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Navigating My Education With Epilepsy

Many students who have journeyed through all levels of education carry with them stories of their experiences. And the opportunity for advanced education, such as obtaining a college degree, remains crucial for success in today's workforce and beyond.

In the realm of education, particularly at the college and university level, many students opt not to disclose their disabilities. I found myself initially oblivious of the potential accommodations for my epilepsy and learning needs. And for the need for increased understanding and the right guidance.

This lack of awareness influenced my educational journey from fifth grade through university.

Always having to explain my epilepsy

Throughout this period, I often needed to explain my epilepsy, even though I had documentation submitted to my schools from an early age. Both faculty members and even the principal were aware of my epilepsy due to my parents' communication and consistently providing updated documents. This led to my placement in specific classes that could assist me with my learning disability.

But honestly, I don't think I needed those classes or the experiences they brought.

Always feeling "different" with epilepsy

The more I grew, the more I understood my condition. While I recognized the term "seizures," the concept of "epilepsy" remained somewhat elusive. With the passing years and my entry into middle school, I grappled with the impact of my early educational experiences, which, unfortunately, left a significant mark – not all positive.

Don't misunderstand me, there were certainly positive aspects to my educational journey, but the shadow of being different loomed over me, even when I hadn't fully grasped my own uniqueness. It's curious how even when you don't realize you're different, others still might think you are.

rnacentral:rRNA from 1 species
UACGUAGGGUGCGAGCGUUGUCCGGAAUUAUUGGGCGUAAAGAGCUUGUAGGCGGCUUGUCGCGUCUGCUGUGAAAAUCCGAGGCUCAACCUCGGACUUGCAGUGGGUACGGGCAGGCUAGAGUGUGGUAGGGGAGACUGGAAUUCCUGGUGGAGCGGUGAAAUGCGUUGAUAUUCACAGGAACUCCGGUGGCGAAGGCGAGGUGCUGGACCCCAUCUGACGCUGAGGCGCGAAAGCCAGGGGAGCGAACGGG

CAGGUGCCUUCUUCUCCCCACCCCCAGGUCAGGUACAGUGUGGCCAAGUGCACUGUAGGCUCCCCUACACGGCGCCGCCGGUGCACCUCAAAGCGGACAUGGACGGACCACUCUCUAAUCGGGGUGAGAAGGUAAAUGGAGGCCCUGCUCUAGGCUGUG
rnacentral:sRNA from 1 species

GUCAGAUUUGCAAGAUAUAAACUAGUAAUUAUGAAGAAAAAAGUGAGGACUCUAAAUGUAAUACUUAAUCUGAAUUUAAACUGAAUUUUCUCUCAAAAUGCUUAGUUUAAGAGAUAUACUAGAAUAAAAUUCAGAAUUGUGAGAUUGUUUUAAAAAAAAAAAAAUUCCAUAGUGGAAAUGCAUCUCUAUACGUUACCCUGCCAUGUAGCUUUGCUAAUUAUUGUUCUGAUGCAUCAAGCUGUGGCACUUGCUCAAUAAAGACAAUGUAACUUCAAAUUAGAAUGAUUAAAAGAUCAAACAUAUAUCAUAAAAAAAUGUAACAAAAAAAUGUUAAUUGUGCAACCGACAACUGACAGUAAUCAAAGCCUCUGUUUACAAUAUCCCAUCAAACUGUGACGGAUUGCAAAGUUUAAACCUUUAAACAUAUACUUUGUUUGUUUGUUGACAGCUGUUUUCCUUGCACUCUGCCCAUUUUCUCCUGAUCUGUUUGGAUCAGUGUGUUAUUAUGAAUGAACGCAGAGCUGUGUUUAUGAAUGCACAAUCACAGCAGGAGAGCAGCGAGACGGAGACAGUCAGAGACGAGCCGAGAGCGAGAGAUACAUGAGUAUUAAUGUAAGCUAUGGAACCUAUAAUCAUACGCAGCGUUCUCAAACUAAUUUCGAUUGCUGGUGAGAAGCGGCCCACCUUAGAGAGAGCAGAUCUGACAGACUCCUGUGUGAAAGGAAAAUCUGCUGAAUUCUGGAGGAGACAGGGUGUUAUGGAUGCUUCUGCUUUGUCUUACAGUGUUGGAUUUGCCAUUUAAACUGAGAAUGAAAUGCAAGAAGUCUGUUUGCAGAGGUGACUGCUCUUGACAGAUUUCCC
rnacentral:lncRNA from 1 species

Learning disabilities don't fit 1 mold

But regardless of my medical challenges, 1 thing was certain: I had a good education and did not neatly fit the mold of a stereotypical disabled student.

Still, there were plenty of preconceived notions, causing me discomfort in how I was perceived. It's an unfortunate reality that even if we're proving our success – these misconceptions are still there. People still put these assumptions on you.

High school years

Years passed, and I officially entered the years of teenage-hood, which meant high school. This brought with it increased independence and thinking about the future. At that time, I wasn't thinking about college. I just wanted to graduate high school in the most ordinary way possible, which I did.

However, I had to put my pride aside and discuss my disorder with teachers, detailing its impact, effects, and even what steps to take if a seizure were to occur unexpectedly.

Will a seizure happen at school? Will I be judged?

I don't think a seizure ever occurred, but the thoughts of "what if" did always sprinkle in some anxiety. During this period of growth and success, I was fortunate to encounter a teacher who recognized and nurtured my gift for journalism – and it didn't matter if I was a disabled student.

Unfortunately, this journey can sometimes be marked by confusion and unease, prompting introspection about derogatory stereotypes and narratives surrounding individuals with disabilities. This process may involve learning how stereotypes can shape one's self-image, along with the emotions of social seclusion. Constantly fighting against assumptions about disabilities, and then the shock when they realize we are very much determined and have academic capabilities.

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Fighting stereotypes about epilepsy and learning disabilities

Such negative assumptions frequently appear within social, educational, and professional settings. Students grappling with hidden conditions like epilepsy or learning disabilities encounter particular challenges. Someone born with an invisible disability comes with a whole journey of constantly overcoming one form of arm-twisting or another.

When I entered the college and university environment, I experienced a blend of surprise and relief as I received consistent support each semester through tailored accommodations for my classes. And I still chose to privately disclose my condition to select professors – but not all, due to my history of mistrust.

And it all worked out. I graduated from university a year early and am now a journalist. Imagine that.

"Your present circumstances don't determine where you can go; they merely determine where you start." –Nido Qubein

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This article represents the opinions, thoughts, and experiences of the author; none of this content has been paid for by any advertiser. The EpilepsyDisease.com team does not recommend or endorse any products or treatments discussed herein. Learn more about how we maintain editorial integrity here.

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